How does my program of undergraduate study relate to teacher credentialing?
Earning a teaching credential at the University of Redlands School of Education is the final step toward becoming a teacher. The teaching credential programs at Redlands are accredited by the California Commission on Teacher Credentialing and are aligned with state standards.
There are two teaching credential tracks. The University of Redlands' School of Education can answer any questions you have about teacher credentialing and graduate degrees in education. You can visit the School of Education website or contact Joe Castino, who advises undergraduates interested in programs at the School of Education.
EDUG 331 Child Development
Constitution Requirement take either GOVT 111 American National Government and Politics or HIST 121 American Civilization I OR, you can take a test for competency.
2. Security Clearance
Obtain a CCTC Certificate of Clearance after fingerprinting. For information, visit the CCTC site.
Fifty hours of experience working with children or young adults. Can be met with your Community Service requirement or a course like LBST 201 that incorporates a community service component.
We recommend that these exams be taken during the junior year.
Take and pass the California Basic Educational Skills Test (CBEST).* For information, practice tests, exam schedules and registration, visit the CBEST website.
Then, take and pass the appropriate CSET exam or complete an approved single subject program. For information, test guides, exam schedules and registration, visit the CSET website.
*For Multiple Subject teachers, the state has recently combined the CBEST and Multiple Subject CSET into one exam.
The traditional credentialing programs are post-graduate and can be combined with work towards a Master's degree. However, some students desire for financial or other reasons to begin the credential coursework as an undergraduate rather than completing this coursework after graduation in a "fifth year." This is possible, but only after your second year and only after you have been approved to do so by advisors in both the undergraduate College of Arts and Sciences (i.e. Liberal Studies) and in the graduate School of Education.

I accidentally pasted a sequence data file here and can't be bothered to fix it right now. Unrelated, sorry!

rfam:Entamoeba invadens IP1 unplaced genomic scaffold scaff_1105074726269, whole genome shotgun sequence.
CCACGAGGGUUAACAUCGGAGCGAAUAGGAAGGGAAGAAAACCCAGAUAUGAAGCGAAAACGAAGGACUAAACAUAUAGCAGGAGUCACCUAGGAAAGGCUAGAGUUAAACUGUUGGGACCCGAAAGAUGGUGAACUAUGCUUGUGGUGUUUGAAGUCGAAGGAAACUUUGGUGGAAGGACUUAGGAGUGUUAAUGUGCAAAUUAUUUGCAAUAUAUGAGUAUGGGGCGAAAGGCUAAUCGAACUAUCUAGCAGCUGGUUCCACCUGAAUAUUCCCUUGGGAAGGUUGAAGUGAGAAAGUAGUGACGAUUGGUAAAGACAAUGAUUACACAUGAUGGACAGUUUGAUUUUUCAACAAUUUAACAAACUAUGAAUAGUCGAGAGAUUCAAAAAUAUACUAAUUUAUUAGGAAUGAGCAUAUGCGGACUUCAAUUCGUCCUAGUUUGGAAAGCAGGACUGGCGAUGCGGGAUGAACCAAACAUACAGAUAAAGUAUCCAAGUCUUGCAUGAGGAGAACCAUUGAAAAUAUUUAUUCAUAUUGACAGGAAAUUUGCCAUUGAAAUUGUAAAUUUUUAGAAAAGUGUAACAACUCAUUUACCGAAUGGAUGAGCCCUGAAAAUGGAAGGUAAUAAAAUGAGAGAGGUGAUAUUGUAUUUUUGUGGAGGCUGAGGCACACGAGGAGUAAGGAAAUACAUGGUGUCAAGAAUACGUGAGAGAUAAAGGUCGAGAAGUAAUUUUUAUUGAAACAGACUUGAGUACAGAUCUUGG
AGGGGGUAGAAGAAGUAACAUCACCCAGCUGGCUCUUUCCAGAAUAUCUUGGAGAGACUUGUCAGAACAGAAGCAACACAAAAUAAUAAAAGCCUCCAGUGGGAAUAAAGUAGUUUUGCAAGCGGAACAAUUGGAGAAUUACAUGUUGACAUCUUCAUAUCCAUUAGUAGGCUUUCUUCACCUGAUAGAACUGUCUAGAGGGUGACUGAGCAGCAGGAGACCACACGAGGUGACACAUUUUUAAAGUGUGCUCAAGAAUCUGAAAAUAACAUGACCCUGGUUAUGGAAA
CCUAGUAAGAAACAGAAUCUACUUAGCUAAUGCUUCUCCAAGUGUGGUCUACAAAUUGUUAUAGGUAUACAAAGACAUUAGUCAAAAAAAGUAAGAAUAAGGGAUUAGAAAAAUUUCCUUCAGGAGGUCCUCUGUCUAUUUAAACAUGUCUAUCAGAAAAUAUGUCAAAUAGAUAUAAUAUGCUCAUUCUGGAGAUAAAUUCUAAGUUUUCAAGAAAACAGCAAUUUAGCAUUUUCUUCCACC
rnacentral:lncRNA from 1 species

We strongly recommend that as an undergraduate you devote yourself to experiencing the many facets of academic life at this level (travel and study abroad, clubs, sports, creative and social activities). However, if you do have space in your schedule during your junior and senior year, have the requisite G.P.A. of 2.75, and are on track to completing your graduation requirements in your major, it is possible to start credential courses.
Education 401 Educational Foundations is a three-unit course that functions as a prerequisite for courses in the credential program. Following that, the bulk of the remaining credential courses are best taken together in seven-unit blocks that are made up of two courses and one fieldwork clinic. If you wish to pursue credential coursework as an undergraduate, you should thus have ample space in your schedule and be aware that the School of Education and the College of Arts and Sciences operate on different schedules of instruction. In addition, any credentialing courses taken as an undergraduate are counted as undergraduate units rather than as graduate units. For more information, contact Joe Castino.